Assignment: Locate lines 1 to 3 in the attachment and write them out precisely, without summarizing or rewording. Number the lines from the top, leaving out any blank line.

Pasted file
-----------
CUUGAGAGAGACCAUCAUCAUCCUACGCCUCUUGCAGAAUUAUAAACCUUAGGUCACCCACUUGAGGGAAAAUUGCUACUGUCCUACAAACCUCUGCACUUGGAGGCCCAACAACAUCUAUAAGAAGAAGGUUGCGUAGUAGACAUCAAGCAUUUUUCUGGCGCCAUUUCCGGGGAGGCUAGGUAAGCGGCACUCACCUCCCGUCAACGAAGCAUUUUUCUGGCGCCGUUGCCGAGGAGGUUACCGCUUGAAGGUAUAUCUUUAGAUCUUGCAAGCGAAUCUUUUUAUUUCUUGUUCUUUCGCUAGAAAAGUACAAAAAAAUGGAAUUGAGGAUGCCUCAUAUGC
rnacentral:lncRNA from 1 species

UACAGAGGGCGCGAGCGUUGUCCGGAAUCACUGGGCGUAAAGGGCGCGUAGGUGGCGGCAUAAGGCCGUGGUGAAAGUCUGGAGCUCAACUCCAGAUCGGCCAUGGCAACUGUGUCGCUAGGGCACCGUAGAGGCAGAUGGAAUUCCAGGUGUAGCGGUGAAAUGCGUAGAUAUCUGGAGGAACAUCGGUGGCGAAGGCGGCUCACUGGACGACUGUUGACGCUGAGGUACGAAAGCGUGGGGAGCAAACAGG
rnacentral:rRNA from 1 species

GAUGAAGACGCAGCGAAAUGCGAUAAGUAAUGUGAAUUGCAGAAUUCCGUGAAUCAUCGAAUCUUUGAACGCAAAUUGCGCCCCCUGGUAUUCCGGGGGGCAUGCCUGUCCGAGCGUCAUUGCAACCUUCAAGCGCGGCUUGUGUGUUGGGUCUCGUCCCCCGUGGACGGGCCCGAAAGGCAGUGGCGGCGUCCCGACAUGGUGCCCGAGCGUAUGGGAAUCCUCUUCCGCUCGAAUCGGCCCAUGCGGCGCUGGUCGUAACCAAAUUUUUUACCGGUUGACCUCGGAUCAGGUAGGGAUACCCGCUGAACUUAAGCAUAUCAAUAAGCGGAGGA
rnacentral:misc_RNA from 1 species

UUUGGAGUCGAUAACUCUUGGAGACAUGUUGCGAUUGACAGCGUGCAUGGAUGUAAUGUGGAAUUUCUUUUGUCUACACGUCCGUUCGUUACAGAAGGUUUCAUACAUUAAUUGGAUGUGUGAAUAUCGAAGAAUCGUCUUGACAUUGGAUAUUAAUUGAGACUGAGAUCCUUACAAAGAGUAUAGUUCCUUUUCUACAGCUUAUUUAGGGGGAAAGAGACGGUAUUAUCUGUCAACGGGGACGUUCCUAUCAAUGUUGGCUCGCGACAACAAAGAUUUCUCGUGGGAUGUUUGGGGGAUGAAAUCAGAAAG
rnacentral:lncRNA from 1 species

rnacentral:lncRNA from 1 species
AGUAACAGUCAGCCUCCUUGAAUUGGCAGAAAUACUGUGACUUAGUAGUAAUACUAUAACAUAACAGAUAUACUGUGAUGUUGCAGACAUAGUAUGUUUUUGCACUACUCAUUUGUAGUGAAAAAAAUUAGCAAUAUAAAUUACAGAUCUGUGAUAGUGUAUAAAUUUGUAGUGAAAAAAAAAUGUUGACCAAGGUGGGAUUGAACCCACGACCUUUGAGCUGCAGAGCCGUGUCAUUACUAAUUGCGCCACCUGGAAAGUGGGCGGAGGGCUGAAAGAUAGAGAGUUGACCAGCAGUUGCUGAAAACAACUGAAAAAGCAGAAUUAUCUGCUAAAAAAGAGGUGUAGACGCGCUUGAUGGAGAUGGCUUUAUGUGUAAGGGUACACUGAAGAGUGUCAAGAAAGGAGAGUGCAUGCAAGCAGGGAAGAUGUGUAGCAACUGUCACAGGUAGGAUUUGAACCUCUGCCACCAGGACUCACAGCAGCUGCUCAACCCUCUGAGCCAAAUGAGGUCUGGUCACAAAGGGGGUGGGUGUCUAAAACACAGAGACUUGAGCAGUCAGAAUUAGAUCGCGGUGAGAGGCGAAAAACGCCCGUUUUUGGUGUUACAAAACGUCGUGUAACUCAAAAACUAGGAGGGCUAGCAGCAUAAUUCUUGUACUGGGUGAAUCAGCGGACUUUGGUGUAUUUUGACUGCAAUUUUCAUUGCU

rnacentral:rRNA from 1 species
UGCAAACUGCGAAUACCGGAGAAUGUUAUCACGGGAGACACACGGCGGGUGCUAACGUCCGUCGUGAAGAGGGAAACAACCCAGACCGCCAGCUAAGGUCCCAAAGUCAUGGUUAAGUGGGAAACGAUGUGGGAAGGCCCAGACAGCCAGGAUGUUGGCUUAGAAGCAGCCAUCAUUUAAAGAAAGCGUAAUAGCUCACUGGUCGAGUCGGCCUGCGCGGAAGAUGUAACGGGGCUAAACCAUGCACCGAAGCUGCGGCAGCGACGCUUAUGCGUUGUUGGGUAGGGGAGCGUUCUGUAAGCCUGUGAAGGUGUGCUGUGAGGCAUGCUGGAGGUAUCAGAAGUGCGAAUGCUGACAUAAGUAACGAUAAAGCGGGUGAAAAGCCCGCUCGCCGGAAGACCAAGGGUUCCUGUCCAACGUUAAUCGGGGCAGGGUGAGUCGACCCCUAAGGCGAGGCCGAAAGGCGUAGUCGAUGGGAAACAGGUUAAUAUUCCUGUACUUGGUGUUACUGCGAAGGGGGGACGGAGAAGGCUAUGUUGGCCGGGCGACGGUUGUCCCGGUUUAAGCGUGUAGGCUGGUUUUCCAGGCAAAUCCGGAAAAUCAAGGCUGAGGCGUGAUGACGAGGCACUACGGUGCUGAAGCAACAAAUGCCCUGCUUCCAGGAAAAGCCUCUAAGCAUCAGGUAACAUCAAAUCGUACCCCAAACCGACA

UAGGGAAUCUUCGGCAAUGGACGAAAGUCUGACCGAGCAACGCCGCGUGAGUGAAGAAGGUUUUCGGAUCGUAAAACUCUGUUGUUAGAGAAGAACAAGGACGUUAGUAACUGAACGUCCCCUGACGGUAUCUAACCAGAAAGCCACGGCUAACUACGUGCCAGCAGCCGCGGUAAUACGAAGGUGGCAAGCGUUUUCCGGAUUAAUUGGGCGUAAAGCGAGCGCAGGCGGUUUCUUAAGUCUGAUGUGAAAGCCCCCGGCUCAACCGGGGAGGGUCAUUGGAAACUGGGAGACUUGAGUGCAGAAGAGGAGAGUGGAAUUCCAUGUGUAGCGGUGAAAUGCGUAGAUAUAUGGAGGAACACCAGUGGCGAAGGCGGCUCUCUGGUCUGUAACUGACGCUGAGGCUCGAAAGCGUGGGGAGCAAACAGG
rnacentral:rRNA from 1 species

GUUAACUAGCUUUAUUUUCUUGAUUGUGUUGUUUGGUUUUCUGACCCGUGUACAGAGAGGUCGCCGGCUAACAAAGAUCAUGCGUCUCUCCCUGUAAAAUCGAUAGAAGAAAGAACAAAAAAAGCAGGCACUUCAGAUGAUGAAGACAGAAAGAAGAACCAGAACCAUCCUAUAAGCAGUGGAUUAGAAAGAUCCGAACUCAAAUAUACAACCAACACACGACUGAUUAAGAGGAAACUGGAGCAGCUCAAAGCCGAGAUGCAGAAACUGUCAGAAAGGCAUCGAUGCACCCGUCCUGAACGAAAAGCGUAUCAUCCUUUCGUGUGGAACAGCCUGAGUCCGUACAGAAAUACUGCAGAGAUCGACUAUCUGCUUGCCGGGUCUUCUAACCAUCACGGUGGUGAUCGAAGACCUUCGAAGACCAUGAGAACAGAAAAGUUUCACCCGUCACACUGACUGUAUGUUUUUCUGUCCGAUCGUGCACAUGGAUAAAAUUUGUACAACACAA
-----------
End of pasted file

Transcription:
CUUGAGAGAGACCAUCAUCAUCCUACGCCUCUUGCAGAAUUAUAAACCUUAGGUCACCCACUUGAGGGAAAAUUGCUACUGUCCUACAAACCUCUGCACUUGGAGGCCCAACAACAUCUAUAAGAAGAAGGUUGCGUAGUAGACAUCAAGCAUUUUUCUGGCGCCAUUUCCGGGGAGGCUAGGUAAGCGGCACUCACCUCCCGUCAACGAAGCAUUUUUCUGGCGCCGUUGCCGAGGAGGUUACCGCUUGAAGGUAUAUCUUUAGAUCUUGCAAGCGAAUCUUUUUAUUUCUUGUUCUUUCGCUAGAAAAGUACAAAAAAAUGGAAUUGAGGAUGCCUCAUAUGC
rnacentral:lncRNA from 1 species

UACAGAGGGCGCGAGCGUUGUCCGGAAUCACUGGGCGUAAAGGGCGCGUAGGUGGCGGCAUAAGGCCGUGGUGAAAGUCUGGAGCUCAACUCCAGAUCGGCCAUGGCAACUGUGUCGCUAGGGCACCGUAGAGGCAGAUGGAAUUCCAGGUGUAGCGGUGAAAUGCGUAGAUAUCUGGAGGAACAUCGGUGGCGAAGGCGGCUCACUGGACGACUGUUGACGCUGAGGUACGAAAGCGUGGGGAGCAAACAGG